rs11898284TRUE          1.62   0.57     2.84   0.01
---------------------------------------------------

Estimated dispersion parameter = 5.57 

which has a higher AIC, but all variables are all significant.

Your help is much appreciated. All courses I have done do not seem to address this issue, so am not sure how to tackle it properly.

Thanks

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    $\begingroup$ Stepwise regression is fraught with problems. $\endgroup$
    – Dave
    Aug 21 at 15:52
  • $\begingroup$ I know. I believe one of my issues is missing data. hence, every time I remove one variable to check the AIC, there would be different number of observations. However, what about my issue with non-significant p-values in the best AIC model? $\endgroup$
    – ssciberras
    Aug 21 at 16:02
  • $\begingroup$ If Stepwise regression is not adequate, what other approach should I use? My research involves checking if a number of variables are associated with an outcome: there might be interactions between the variables, hence the use of a glm $\endgroup$
    – ssciberras
    Aug 21 at 20:13
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I'm not sure what the actual question is here. There seems to be some concern that p-values are "not significant" for the model with the lowest AIC. That is certainly possible, especially when you have missing data.

However, please try not to be too concerned with statistical significance. Since you are interested primarily in inference:

I want to have an explanatory model for an outcome, possibly might progress to have a predictive model later on.

...then it is crucially important that you select the variables for your model in a principled way. Any stepwise procedure is a bad approach to this. More generally any approach based solely on p-values is bad. The model has absolutely no idea which of your variables is the main exposure, competing exposures, potential confounders, colliders or mediators, and as such the model cannot tell you anything about the way these variables are related causally. Moreover, when you adjust for mediators, and colliders, and when you over-adjust for confounders, you can introduce severe bias in the estimates that are of primary concern. See the accepted answer here for further details on principled variable selection for inference:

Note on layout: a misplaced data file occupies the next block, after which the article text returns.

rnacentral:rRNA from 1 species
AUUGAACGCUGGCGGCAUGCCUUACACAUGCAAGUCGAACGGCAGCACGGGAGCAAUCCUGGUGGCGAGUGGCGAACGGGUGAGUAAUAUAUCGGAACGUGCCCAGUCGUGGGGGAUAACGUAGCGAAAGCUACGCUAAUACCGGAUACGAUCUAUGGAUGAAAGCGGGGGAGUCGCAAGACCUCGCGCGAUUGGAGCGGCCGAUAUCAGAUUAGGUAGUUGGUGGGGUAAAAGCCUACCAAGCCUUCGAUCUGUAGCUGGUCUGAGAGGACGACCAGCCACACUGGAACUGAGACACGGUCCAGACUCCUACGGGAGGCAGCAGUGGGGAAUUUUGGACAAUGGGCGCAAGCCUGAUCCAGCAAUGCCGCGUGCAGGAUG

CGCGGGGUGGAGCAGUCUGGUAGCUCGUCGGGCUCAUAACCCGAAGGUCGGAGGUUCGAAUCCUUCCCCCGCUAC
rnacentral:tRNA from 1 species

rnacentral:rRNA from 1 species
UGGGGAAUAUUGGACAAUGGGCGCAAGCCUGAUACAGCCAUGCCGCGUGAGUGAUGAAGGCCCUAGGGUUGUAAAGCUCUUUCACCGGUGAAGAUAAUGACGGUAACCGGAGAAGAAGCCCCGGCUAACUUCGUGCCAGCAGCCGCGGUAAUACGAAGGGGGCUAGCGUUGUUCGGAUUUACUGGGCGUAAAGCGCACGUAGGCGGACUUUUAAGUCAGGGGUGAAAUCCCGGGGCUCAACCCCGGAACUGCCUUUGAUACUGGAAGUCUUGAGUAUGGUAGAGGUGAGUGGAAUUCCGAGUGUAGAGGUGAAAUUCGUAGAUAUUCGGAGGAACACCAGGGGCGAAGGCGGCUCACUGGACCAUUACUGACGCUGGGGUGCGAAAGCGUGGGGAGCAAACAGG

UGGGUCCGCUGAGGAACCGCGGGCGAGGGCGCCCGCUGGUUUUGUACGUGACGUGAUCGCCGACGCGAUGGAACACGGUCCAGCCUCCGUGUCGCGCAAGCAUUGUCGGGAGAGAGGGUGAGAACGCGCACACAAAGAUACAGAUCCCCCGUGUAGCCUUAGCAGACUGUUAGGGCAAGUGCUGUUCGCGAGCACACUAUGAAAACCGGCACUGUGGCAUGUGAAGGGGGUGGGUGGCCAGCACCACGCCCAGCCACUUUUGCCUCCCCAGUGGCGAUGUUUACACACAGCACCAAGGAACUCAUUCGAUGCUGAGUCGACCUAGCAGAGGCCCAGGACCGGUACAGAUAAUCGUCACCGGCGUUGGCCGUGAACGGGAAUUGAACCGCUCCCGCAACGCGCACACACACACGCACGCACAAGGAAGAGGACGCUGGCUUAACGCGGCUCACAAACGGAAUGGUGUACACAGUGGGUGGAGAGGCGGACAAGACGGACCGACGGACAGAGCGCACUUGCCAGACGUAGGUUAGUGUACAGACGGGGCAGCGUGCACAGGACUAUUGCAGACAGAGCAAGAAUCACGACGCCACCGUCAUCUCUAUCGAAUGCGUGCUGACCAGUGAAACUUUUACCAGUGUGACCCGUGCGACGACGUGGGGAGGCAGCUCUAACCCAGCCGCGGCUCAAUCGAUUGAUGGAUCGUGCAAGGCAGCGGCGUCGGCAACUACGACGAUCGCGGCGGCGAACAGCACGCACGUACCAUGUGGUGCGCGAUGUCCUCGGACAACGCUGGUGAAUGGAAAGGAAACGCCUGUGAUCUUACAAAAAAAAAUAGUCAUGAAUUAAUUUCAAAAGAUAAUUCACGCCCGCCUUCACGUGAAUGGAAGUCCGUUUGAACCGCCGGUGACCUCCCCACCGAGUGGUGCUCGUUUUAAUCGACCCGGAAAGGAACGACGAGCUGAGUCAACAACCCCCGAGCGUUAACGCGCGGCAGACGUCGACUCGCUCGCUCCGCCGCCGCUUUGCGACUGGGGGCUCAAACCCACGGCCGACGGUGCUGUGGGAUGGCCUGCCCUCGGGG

How do DAGs help to reduce bias in causal inference?

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  • $\begingroup$ Thanks. My main query is if one would remove variables with p > 0.05, even if this increases the AIC? $\endgroup$
    – ssciberras
    Aug 21 at 17:44
  • $\begingroup$ You're welcome. No. Never remove variables based on some arbitrary p-value threshold. $\endgroup$ Aug 21 at 17:47
  • $\begingroup$ Even if p is close to 1? Say 0.92? That would mean that all variables in the best AIC model would be used. I have read your link: it is what i was thinking but need to structure my approach $\endgroup$
    – ssciberras
    Aug 21 at 18:20
  • $\begingroup$ Yes, even if it is close to 1. Under the null hypothesis, p-values are uniformly distributed. $\endgroup$ Aug 21 at 18:26